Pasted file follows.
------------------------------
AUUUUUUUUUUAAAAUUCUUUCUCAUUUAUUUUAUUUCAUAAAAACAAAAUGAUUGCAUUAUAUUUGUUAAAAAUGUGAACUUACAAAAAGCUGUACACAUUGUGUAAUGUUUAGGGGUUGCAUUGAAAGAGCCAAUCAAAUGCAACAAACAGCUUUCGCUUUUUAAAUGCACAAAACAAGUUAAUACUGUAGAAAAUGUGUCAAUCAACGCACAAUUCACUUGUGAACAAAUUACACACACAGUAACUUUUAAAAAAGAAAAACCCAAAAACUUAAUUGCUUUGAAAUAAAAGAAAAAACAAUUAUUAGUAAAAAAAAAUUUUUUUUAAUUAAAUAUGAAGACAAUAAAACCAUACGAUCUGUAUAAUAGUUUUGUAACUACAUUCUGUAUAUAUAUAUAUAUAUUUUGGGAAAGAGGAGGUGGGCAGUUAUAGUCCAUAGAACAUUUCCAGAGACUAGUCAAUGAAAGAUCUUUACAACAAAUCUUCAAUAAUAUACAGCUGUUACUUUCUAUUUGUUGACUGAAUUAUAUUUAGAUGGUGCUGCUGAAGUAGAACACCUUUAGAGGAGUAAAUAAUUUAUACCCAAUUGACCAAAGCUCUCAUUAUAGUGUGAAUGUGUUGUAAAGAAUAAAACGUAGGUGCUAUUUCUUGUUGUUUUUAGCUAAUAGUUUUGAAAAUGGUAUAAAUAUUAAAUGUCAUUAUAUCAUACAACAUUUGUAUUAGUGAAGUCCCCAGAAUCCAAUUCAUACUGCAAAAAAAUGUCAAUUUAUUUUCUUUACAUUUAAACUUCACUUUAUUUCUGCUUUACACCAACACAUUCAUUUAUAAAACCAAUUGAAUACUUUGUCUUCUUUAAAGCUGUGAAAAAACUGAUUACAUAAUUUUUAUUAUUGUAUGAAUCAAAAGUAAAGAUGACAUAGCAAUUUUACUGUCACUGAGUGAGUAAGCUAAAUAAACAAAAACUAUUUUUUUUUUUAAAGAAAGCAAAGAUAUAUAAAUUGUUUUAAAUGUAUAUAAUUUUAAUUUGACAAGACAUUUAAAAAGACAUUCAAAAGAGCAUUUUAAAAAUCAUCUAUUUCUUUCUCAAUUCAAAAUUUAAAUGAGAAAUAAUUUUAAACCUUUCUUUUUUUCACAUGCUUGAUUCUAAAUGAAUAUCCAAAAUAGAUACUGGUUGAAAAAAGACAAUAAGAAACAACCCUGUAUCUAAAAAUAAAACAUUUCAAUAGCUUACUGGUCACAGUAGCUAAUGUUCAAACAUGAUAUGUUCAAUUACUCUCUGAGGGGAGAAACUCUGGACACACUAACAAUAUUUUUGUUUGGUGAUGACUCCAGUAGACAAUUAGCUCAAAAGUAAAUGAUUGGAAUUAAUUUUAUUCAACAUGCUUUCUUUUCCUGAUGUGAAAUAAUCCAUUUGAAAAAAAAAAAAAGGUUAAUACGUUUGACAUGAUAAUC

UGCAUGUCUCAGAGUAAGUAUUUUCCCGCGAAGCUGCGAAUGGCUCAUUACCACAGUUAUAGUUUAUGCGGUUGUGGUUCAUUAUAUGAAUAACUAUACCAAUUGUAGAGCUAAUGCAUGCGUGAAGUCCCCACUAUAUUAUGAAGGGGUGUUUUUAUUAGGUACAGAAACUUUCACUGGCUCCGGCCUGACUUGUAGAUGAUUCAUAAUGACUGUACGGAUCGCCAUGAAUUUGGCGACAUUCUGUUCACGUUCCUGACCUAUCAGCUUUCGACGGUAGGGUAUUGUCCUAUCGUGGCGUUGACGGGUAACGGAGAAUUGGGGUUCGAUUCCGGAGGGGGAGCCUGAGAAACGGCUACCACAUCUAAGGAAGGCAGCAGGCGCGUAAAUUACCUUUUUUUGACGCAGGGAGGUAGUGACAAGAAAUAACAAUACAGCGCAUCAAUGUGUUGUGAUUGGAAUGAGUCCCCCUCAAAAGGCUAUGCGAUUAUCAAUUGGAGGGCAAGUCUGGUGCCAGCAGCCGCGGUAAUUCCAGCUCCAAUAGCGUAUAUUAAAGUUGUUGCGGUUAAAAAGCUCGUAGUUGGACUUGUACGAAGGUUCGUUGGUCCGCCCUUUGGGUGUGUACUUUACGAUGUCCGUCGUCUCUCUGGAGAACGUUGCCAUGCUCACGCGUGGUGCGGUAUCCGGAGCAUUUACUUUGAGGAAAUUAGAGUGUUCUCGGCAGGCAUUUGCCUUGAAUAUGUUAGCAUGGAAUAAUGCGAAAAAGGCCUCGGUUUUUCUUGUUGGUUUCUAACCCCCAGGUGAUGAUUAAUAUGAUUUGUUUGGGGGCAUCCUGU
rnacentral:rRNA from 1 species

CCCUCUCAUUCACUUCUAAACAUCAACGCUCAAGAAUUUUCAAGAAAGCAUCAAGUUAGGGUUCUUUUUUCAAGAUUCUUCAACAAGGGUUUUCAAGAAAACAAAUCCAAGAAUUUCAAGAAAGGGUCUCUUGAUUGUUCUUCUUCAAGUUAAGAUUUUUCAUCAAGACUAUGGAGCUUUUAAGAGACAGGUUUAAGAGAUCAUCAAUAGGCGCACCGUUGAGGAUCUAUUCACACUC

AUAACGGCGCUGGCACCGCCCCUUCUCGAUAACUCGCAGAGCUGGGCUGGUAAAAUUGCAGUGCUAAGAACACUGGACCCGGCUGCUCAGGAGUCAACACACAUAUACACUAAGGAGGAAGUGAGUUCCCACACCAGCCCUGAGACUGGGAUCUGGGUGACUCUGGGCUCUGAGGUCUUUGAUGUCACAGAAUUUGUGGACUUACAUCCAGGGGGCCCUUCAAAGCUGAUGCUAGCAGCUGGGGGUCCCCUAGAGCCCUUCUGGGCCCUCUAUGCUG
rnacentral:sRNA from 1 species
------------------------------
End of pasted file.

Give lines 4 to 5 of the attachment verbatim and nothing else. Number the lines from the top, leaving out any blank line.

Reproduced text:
CCCUCUCAUUCACUUCUAAACAUCAACGCUCAAGAAUUUUCAAGAAAGCAUCAAGUUAGGGUUCUUUUUUCAAGAUUCUUCAACAAGGGUUUUCAAGAAAACAAAUCCAAGAAUUUCAAGAAAGGGUCUCUUGAUUGUUCUUCUUCAAGUUAAGAUUUUUCAUCAAGACUAUGGAGCUUUUAAGAGACAGGUUUAAGAGAUCAUCAAUAGGCGCACCGUUGAGGAUCUAUUCACACUC

AUAACGGCGCUGGCACCGCCCCUUCUCGAUAACUCGCAGAGCUGGGCUGGUAAAAUUGCAGUGCUAAGAACACUGGACCCGGCUGCUCAGGAGUCAACACACAUAUACACUAAGGAGGAAGUGAGUUCCCACACCAGCCCUGAGACUGGGAUCUGGGUGACUCUGGGCUCUGAGGUCUUUGAUGUCACAGAAUUUGUGGACUUACAUCCAGGGGGCCCUUCAAAGCUGAUGCUAGCAGCUGGGGGUCCCCUAGAGCCCUUCUGGGCCCUCUAUGCUG